A very common requirement of SRE is to have the ability to report on the performance of SLOs within specific time periods. Reliability reports allow you to evaluate your SLOs for compliance within specific time periods. These reports provide and effective way to communicate to both technical and less-technical product stakeholders how an application has been performing with the ultimate goal of understanding if it has been meeting client expectations. With these insights, organizations can make data-driven decisions on how to allocate reliability and development resources and plan different releases in order to mitigate the impact of unexpected bugs and issues on the end customer.
These reports are structured by grouping SLOs into customizable hierarchies and then analyzing the performance of each level of this hierarchy within the desired time-frame. These hierarchies are built by creating groups and sub-groups of SLOs. Groups are created mainly based on the dimensions assigned to SLOs, but users also have the ability to group their SLOs by owner, or category.
To create a group, users first select a dimension which will inform the Reliability Insights page of how to group your SLOs. For example, selecting the User Journey dimension as the main grouping attribute, would group the your SLOs into all the different user journey instances you have assigned to your SLOs. In case there are SLOs that do not contain the selected dimension, they are grouped together in a "No [dimension]" group placed at the bottom of the groups list.
In some situations, SLOs will have more than one instance of the same dimension. Take as an example an high-level SLO that is monitoring both an Authentication service and an Access Control service. This SLO would be associated with to two different instances, Access Control and Authentication, of the same dimension, Service. In these situations, the SLO would appear in both the Access Control group and the Authentication group.
Besides being able to build custom hierarchical views, the Reliability Insights page allows users to specify two different time-based parameters: the reporting period and the reporting frequency. The reporting period specifies the time-frame covered by the report and is defined by a start and end date. The reporting frequency informs the page about how frequently the SLOs in the report should be evaluated for compliance within the defined reporting period.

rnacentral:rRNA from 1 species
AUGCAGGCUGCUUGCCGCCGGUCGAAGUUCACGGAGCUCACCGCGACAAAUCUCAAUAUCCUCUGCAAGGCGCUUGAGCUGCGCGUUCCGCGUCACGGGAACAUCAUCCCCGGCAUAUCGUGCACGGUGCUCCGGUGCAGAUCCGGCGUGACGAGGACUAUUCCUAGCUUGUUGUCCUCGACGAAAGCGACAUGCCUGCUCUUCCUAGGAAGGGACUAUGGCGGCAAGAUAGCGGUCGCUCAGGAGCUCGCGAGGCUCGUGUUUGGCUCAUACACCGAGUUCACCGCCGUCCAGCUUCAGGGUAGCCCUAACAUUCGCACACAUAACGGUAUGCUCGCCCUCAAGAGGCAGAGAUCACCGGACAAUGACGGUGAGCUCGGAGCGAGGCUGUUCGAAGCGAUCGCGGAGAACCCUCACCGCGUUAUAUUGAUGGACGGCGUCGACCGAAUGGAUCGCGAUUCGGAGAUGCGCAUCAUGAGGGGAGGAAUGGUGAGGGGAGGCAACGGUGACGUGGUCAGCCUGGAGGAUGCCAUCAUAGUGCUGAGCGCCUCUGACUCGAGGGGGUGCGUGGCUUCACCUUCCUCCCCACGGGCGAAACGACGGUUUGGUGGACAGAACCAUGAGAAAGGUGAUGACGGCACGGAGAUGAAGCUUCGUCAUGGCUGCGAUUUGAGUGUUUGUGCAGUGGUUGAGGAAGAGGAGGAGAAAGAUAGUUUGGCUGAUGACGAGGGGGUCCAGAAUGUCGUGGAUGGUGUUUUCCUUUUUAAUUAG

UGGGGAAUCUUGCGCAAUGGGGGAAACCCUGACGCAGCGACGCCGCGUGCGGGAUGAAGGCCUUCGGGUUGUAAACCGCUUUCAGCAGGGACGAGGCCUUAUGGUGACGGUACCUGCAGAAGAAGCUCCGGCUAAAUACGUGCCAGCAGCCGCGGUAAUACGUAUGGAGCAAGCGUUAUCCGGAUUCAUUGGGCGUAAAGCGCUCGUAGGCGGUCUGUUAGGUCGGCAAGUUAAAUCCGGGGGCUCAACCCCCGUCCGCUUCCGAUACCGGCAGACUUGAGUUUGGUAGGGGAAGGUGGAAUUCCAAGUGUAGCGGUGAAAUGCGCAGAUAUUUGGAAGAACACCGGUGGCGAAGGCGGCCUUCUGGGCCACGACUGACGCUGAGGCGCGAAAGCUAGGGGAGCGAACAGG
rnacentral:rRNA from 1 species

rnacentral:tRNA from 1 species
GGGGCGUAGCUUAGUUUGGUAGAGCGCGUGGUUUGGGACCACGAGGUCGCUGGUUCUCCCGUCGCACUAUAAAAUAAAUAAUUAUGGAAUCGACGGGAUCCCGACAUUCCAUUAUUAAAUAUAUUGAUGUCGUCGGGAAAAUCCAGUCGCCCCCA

For example, you could specify the reporting period to be the month of January (Jan 1st - Jan 31st) with a reporting frequency of one week. This means that the report would evaluate each SLO for compliance for every week of the month of January.
In other words, the user would be able to see how many SLOs were in a Compliant, In Danger or Non-Compliant state plus the overall performance score for every week of the month of January. The reporting period can not be larger than a quarter and the reporting frequency can not be smaller than a one day.
Within Rely.io when SLOs are evaluated for compliance, they receive one of three possible scores: • Compliant: remaining error budget > 25% • In Danger: 0% < remaining error budget <= 25% • Non-Compliant: remaining error budget <= 0%
These scores are determined based on how an SLO performed within a certain evaluation period. Evaluation periods are determined by the reporting frequency. If you have selected a weekly reporting frequency, then each evaluation period will correspond to one week.
Within the context of the Reliability Insights page, SLO evaluation periods are always calendar-aligned compliance windows. Learn more about calendar-aligned windows here.
Each level of the reporting view hierarchy displays a performance breakdown indicator for every evaluation period. More specifically, this indicator lets you know how many of a given group’s SLOs were in Compliant, In-Danger and Non-Compliant states within a specific evaluation period.
The most granular level of the reporting view hierarchy is always the SLOs themselves. For this level, the report displays the compliance score of each individual SLO for every evaluation period. Moreover, the report also displays the actual amount of error budget that each SLO had left by the end of the evaluation period.
You might want to create a reliability report for a past, or current period of time. This is determined by whether the end date of your report has already past, or is somewhere in the future, respectively. In these situations it’s important to distinguish between past and current evaluation periods.
Past evaluation periods provide an accurate picture of how your SLO performed since they have access to a complete set of SLO data between the start and end dates of the evaluation period.
Current evaluation periods can be seen as forward-looking indicators that tell you how much error budget each SLO has left until the end of the evaluation period. The information displayed for current evaluation periods is constantly updating as more data is generated in real time. This type of information can be used to plan the best time for a new release, or to identify areas of your application that are more likely to impact your customers ahead of time. By the end of the evaluation period, a fixed compliance score is calculated for each SLO.